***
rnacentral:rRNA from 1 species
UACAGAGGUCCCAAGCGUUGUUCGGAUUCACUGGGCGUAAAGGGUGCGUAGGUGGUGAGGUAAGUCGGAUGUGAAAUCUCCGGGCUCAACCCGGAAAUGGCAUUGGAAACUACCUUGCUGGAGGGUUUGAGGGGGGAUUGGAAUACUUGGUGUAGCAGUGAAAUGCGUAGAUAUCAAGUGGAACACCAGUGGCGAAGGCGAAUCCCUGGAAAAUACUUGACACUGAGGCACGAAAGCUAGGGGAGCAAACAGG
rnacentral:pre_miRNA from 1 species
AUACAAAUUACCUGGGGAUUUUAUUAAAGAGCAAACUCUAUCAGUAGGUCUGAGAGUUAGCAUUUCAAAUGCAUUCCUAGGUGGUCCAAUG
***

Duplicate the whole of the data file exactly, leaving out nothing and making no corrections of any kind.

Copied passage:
rnacentral:rRNA from 1 species
UACAGAGGUCCCAAGCGUUGUUCGGAUUCACUGGGCGUAAAGGGUGCGUAGGUGGUGAGGUAAGUCGGAUGUGAAAUCUCCGGGCUCAACCCGGAAAUGGCAUUGGAAACUACCUUGCUGGAGGGUUUGAGGGGGGAUUGGAAUACUUGGUGUAGCAGUGAAAUGCGUAGAUAUCAAGUGGAACACCAGUGGCGAAGGCGAAUCCCUGGAAAAUACUUGACACUGAGGCACGAAAGCUAGGGGAGCAAACAGG
rnacentral:pre_miRNA from 1 species
AUACAAAUUACCUGGGGAUUUUAUUAAAGAGCAAACUCUAUCAGUAGGUCUGAGAGUUAGCAUUUCAAAUGCAUUCCUAGGUGGUCCAAUG